United States presidential election in Nevada, 2004
The 2004 United States presidential election took place on November 2, 2004 throughout all 50 states and D.C., which was part of the 2004 United States presidential election. Voters chose 5 representatives, or electors to the Electoral College, who voted for President and Vice President.
Nevada was won by incumbent President George W. Bush by a 2.6% margin of victory. Prior to the election, news organizations who made predictions were split on who would win the state, with half saying it leaned Bush, or a red state and the others who implied it as a swing state. Only one county of the state, Clark County, home of Las Vegas and the most populous county of the state, went for John F. Kerry. Kerry's second best performance in the state was Washoe County, which he lost with 47% of the vote. Moreover, the statewide results here were very similar to the nationwide results in 2004, making it the bellwether of the country. Also, Nevada has voted for the winner of every presidential election since 1912, except for 1976. Third party and independents made up over 1% of the vote, led by Ralph Nader.
|Elections in Nevada|
|None of These Candidates|
There were 12 news organizations who made state by state predictions of the election. Here are their last predictions before election day.
- D.C. Political Report: Slight Republican
- Associated Press: Toss Up
- CNN: Bush
- Cook Political Report: Toss Up
- Newsweek: Leans Bush
- New York Times: Leans Bush
- Rasmussen Reports: Toss Up
- Research 2000: Lean Bush
- Washington Post: Battleground
- Washington Times: Solid Bush
- Zogby International: Kerry
- Washington Dispatch: Bush
Bush only lost one pre-election poll throughout the general election. By the fall, Bush pulled away and reached 50%. However, in the very last week, some voters did change their minds as Bush's numbers went down slightly. The last 3 average polls showed Bush leading with 49% to 47%.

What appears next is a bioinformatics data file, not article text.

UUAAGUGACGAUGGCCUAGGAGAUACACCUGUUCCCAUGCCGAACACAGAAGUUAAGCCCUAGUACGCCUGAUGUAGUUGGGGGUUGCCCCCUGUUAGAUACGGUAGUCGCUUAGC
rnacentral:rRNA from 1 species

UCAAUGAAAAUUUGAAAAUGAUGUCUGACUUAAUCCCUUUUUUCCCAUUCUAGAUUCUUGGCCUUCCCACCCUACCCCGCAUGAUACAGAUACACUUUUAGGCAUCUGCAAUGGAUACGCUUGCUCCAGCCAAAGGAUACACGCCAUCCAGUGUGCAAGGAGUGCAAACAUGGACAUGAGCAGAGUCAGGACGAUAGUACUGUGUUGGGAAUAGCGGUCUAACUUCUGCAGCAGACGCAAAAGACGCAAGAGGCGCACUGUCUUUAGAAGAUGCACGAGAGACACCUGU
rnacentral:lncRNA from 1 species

Advertising and visits
Bush visited the state 3 times. Kerry visited the state 6 times. Both of them visited the same places: Las Vegas and Reno. Almost every week, the candidates combined spent over $1 million in advertising.
With Bush's victory in 2000 being less than 50%, he was vulnerable in the state. Bush's performance ended up being almost identical to the last election's results, but although he broke 50% this time, his margin of victory was slightly reduced.
Despite winning almost all of the counties, Bush wasn't dominant among the congressional districts, where he won two of the three, but the third congressional district with just 50% of the vote.
The only major difference in county results was Bush's big jump in rural Esmeralda County, which he won with over 76%. The only county Kerry won was Democratic leaning Clark County, the most populous county in the state, where Las Vegas is located. However he won the county with only about 52% of the vote, which was not enough to carry the state.
|United States presidential election in Nevada, 2004|
|Republican||George W. Bush (incumbent)||418,690||50.47%||5|
|N/A||None of these Candidates||3,688||0.44%||0|
|American Independent||Michael Peroutka||1,152||0.14%||0|
|Voter turnout (Voting age population)||50.0%|
|County||Kerry %||Kerry #||Bush %||Bush #||Others %||Others #|
By congressional district
Bush won 2 of 3 congressional districts.
Technically the voters of Nevada cast their ballots for electors: representatives to the Electoral College. Nevada is allocated 5 electors because it has 3 congressional districts and 2 senators. All candidates who appear on the ballot or qualify to receive write-in votes must submit a list of 5 electors, who pledge to vote for their candidate and his or her running mate. Whoever wins the majority of votes in the state is awarded all 5 electoral votes. Their chosen electors then vote for President and Vice President. Although electors are pledged to their candidate and running mate, they are not obligated to vote for them. An elector who votes for someone other than his or her candidate is known as a faithless elector.
The electors of each state and the District of Columbia met on December 13, 2004 to cast their votes for President and Vice President. The Electoral College itself never meets as one body. Instead the electors from each state and the District of Columbia met in their respective capitols.
The following were the members of the Electoral College from the state. All 5 were pledged for Bush/Cheney:
- Joe Brown
- Milton Schwartz
- John Marvel
- Beverly Willard
- Paul Willis